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SUICIDE: What You Need to Know

by Mark D. Lerner, Ph.D.

Chairman, The National Center for Emotional Wellness

Suicide is now the leading cause of injury deaths. In fact, more Americans commit suicide than die in car crashes (AJPH). In our military, significantly more troops took their own lives last year than were taken by the enemy. Since suicides are frequently unreported, the numbers are believed to be even higher than data indicates.

Living through a challenging experience can feel overwhelming. And it’s not uncommon for us to want to avoid or escape our painful reality.

Thoughts of never waking up or even ending your life may feel like a solution, particularly when you’re emotionally and physically weakened and vulnerable. It may seem like a way to stop all the hurt. However, t’s critically important to understand that taking this action results in the most permanent consequence—a life-ending consequence for you, and incredibly severe life-altering consequences for those who care for you and need you in their lives.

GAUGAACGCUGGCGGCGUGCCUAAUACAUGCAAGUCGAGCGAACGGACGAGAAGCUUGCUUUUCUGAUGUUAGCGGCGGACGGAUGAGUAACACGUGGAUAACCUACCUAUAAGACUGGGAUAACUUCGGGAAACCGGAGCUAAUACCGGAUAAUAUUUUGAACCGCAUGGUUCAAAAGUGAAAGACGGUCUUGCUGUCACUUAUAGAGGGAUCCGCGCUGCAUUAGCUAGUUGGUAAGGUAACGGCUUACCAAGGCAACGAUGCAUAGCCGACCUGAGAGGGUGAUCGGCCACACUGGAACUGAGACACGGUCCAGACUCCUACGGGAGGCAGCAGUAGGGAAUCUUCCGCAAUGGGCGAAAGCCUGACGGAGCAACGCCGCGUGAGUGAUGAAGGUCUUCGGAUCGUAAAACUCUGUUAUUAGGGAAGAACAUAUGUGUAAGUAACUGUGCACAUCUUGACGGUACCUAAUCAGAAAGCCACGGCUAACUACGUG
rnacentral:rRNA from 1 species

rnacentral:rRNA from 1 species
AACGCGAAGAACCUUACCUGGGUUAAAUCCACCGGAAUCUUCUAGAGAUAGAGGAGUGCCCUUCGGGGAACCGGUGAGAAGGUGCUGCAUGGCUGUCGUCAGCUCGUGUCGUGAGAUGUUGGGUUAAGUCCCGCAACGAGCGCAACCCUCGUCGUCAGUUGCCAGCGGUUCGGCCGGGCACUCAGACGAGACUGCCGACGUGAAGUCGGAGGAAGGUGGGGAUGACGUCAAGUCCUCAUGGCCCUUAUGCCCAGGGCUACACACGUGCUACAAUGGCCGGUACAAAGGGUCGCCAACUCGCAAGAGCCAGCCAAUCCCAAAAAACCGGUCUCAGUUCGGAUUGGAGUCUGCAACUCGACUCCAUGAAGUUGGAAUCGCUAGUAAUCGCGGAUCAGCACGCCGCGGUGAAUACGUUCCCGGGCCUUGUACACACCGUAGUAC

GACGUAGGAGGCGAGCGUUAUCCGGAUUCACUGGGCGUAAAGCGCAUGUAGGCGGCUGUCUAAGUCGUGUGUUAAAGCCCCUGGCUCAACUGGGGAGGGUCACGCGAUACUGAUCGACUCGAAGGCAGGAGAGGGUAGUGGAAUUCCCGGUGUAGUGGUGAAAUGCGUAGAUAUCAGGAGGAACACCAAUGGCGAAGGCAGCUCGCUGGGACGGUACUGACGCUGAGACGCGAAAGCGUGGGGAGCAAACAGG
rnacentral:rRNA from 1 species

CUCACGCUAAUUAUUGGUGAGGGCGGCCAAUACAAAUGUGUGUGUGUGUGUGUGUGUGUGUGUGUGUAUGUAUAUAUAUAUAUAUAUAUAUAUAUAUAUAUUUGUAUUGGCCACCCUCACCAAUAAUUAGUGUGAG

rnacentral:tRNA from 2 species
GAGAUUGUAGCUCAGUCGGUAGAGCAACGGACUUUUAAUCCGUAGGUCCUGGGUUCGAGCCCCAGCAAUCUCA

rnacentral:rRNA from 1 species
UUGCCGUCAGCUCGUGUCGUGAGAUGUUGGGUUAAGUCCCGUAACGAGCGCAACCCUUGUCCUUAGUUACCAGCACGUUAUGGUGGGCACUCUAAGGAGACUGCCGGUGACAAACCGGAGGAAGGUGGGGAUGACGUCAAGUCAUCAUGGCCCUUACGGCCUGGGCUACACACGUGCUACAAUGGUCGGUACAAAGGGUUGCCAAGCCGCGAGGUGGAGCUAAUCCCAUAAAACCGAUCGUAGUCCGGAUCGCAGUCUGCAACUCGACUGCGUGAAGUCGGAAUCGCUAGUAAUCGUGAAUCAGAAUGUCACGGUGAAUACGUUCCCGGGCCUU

If you’re having frequent thoughts of harming yourself or others, please reach out to someone, such as a doctor, counselor, spiritual leader, relative or a special friend. So many people have told me that at some point they had these thoughts. I can’t tell you how many people in the months and years after their experience were beyond thankful that they didn’t act on them!

I’m not going to tell you that time heals all wounds, because it doesn’t. What time does do is give us the opportunity to work through the normal phases of coping and learn to survive. It’s been said, many times, that there’s no way around a crisis, only through it. What you’re feeling now is normal—uncomfortable and extremely painful—but normal.


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